Role Vitamins In The Human Body

The Role of Vitamins in The Human Body!

Micronutirents are a range of vital substances that must be present for the body to function correctly in the form of Vitamins & Minerals. This newsletter will focus on Vitamins specifically. Vitamins are naturally occurring essential nutrients that our body regularly needs from our diet to function effectively from general health to growth & reproduction. There are two types of vitamins: Water soluble (vitamin B & C) & Fat soluble (vitamin A, D, E & K).

Water-soluble vitamins (B & C) must be provided by the diet regularly in order to meet the body’s requirement. They are also unlikely to cause a toxic reaction in the body as they are quickly excreted in the urine whenever their levels become excessive.

Vitamin B: Each vitamin is considered crucial, and as a group, B vitamins play an indispensable role by working in complex metabolic reactions all over the body. They are involved in every crucial step of energy production and utilization. As a group, B vitamins are vital nutrients in a range of activities, such as cell repair, digestion, the production of energy & in the immune system. Dietary sources are spinach, green peas & beans, tomato juice, watermelon, sunflower seeds, soy milk, potatoes, bananas, broccoli, spinach, pulses, lentils, nuts, bean, brewers’ yeast, marmite, dried apricots, dates and figs, milk, cheese, yoghurt, brown rice, wheat germ, wholegrain cereals & avocados.

Vitamin C: As a potent antioxidant your body needs vitamin C for growth, healthy body tissue, wound repair, an efficient immune system, Collagen formation, normal function of blood vessels & to enhance iron absorption. Dietary sources are spinach, broccoli, red bell peppers, snow peas, tomato juice, kiwi, mango, orange & grapefruit juice.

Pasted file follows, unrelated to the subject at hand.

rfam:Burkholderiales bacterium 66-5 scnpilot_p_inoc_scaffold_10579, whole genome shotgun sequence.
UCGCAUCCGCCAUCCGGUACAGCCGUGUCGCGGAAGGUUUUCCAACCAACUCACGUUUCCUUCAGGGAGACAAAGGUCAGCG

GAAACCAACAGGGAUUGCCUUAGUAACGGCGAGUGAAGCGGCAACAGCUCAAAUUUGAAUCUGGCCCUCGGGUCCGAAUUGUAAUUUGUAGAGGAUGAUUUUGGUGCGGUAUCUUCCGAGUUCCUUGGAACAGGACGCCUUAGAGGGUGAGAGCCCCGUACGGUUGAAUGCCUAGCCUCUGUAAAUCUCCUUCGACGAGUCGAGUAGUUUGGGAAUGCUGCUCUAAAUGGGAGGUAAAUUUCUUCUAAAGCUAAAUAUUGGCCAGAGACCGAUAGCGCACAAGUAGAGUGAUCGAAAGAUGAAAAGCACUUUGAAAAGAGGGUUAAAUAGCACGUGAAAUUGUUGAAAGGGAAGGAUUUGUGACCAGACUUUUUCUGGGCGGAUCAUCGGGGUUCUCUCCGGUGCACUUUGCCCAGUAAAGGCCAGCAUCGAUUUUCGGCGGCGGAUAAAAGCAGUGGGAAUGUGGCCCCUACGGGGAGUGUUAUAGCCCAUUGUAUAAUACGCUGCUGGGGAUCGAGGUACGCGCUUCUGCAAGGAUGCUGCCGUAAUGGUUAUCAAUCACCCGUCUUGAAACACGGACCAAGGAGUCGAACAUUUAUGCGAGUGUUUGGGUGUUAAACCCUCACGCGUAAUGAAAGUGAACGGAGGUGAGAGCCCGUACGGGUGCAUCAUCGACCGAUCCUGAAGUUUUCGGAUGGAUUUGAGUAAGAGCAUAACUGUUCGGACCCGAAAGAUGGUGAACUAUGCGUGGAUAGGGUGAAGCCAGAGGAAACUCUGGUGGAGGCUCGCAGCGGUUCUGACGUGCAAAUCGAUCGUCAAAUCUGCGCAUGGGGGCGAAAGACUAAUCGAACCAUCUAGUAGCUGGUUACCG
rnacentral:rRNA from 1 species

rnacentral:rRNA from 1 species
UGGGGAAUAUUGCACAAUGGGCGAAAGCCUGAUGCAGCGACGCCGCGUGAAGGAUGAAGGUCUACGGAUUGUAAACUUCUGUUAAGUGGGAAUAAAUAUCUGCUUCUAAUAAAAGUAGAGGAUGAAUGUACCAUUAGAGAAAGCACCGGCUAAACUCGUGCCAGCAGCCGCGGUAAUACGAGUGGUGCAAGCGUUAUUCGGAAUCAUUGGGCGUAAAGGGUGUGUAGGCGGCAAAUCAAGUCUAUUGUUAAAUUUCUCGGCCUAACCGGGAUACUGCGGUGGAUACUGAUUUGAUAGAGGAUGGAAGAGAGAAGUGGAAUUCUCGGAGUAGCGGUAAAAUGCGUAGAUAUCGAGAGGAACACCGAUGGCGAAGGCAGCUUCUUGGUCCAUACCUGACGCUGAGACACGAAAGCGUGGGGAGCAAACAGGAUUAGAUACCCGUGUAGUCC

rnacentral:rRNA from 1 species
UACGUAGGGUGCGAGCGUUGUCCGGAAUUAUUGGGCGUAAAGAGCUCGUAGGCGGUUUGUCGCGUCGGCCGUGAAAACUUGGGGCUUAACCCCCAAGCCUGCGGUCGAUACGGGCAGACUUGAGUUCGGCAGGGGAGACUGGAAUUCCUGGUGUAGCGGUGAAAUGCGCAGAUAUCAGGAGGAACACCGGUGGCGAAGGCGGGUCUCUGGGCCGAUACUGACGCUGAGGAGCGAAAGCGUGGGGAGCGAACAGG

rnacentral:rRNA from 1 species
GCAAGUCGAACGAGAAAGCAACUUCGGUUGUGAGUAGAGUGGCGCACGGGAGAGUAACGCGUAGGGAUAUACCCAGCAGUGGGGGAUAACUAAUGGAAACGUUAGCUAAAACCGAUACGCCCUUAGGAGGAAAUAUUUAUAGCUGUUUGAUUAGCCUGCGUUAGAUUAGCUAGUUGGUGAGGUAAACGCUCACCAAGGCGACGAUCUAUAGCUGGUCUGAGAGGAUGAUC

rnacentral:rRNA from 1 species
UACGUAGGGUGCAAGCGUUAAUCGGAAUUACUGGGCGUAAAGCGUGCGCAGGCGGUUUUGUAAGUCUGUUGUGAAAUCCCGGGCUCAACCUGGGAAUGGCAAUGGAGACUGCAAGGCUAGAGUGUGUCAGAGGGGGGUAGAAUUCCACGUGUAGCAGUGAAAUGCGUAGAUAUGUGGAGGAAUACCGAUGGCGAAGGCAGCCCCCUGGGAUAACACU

Fat-Soluble (Vitamins A, D, E & K): are fat-soluble & therefore insoluble in water. These fat-soluble vitamins are stored in the liver and fat tissue until the body requires them & unlike the water-soluble vitamins, they are not readily excreted.

Vitamin A: Has a diverse range of functions and health benefits in the body including the health of the eyes, skin, hair, bones, teeth, immune system, liver, reproductive organs, pregnancy & lactation. Dietary sources are alfalfa sprouts, avocado, banana, broccoli, cayenne pepper, carrots, orange fruit, green & yellow vegetables, mango, carrots, tomato juice, sweet potatoes & pumpkin.

Vitamin D: It regulates mineral absorption & is involved in the healthy functioning of a range of body systems. It stabilizes our nervous system & heart, normal blood clotting, enhances calcium & phosphorus absorption in skin, muscles & cartilage, reproductive organs, teeth, bones & some immune cells. Dietary sources are seeds, alfalfa sprouts, avocado, garlic, greens leaf, fortified milk and self-synthesis via sunlight.

Vitamin E: A vital antioxidant ,body’s primary defender against oxidation, it has many specific roles in maintaining our cellular functions including, forming red blood cells, muscles & other tissues, Preserves fatty acids, Reproduction, Lactation, RBC protection, Wounds, Prevention blood clots. Dietary Sources are Butter, Brown Rice, Soybean Oil, Vegetable oils such as Corn, Cottonseed or Soybean, Nuts, Wheat Germ, whole grain products, black berries, mangoes & avocados.

Vitamin K: Through the activity of healthy bacteria your body makes vitamin K in the large intestine. Its major function in the body is involved in the blood clotting process & in the maintenance of strong bones. While the body can fulfill much of its vitamin K requirements, dietary sources such as green, leafy vegetables, milk and whole grain cereals should be consumed regularly to ensure that the body’s blood clotting mechanisms are maintained at optimal level.

Source: HealthCheck Systems; NetDoctor

Next issue: Minerals